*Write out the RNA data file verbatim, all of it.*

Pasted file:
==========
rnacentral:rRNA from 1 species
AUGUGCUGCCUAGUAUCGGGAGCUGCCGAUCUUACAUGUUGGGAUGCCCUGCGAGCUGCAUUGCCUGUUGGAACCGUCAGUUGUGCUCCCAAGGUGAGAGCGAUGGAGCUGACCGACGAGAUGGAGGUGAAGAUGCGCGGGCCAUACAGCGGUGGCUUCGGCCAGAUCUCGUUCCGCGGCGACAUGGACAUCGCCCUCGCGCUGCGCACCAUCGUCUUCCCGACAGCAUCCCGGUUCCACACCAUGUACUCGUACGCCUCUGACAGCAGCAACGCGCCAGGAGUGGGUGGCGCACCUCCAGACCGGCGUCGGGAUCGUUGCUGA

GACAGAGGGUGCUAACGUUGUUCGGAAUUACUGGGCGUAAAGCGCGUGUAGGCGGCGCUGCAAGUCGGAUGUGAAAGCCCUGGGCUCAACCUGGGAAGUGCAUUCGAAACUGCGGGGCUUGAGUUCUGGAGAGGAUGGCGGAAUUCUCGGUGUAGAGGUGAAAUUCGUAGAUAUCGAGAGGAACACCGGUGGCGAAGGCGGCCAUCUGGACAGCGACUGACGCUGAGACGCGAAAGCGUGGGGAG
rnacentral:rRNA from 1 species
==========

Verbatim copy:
rnacentral:rRNA from 1 species
AUGUGCUGCCUAGUAUCGGGAGCUGCCGAUCUUACAUGUUGGGAUGCCCUGCGAGCUGCAUUGCCUGUUGGAACCGUCAGUUGUGCUCCCAAGGUGAGAGCGAUGGAGCUGACCGACGAGAUGGAGGUGAAGAUGCGCGGGCCAUACAGCGGUGGCUUCGGCCAGAUCUCGUUCCGCGGCGACAUGGACAUCGCCCUCGCGCUGCGCACCAUCGUCUUCCCGACAGCAUCCCGGUUCCACACCAUGUACUCGUACGCCUCUGACAGCAGCAACGCGCCAGGAGUGGGUGGCGCACCUCCAGACCGGCGUCGGGAUCGUUGCUGA

GACAGAGGGUGCUAACGUUGUUCGGAAUUACUGGGCGUAAAGCGCGUGUAGGCGGCGCUGCAAGUCGGAUGUGAAAGCCCUGGGCUCAACCUGGGAAGUGCAUUCGAAACUGCGGGGCUUGAGUUCUGGAGAGGAUGGCGGAAUUCUCGGUGUAGAGGUGAAAUUCGUAGAUAUCGAGAGGAACACCGGUGGCGAAGGCGGCCAUCUGGACAGCGACUGACGCUGAGACGCGAAAGCGUGGGGAG
rnacentral:rRNA from 1 species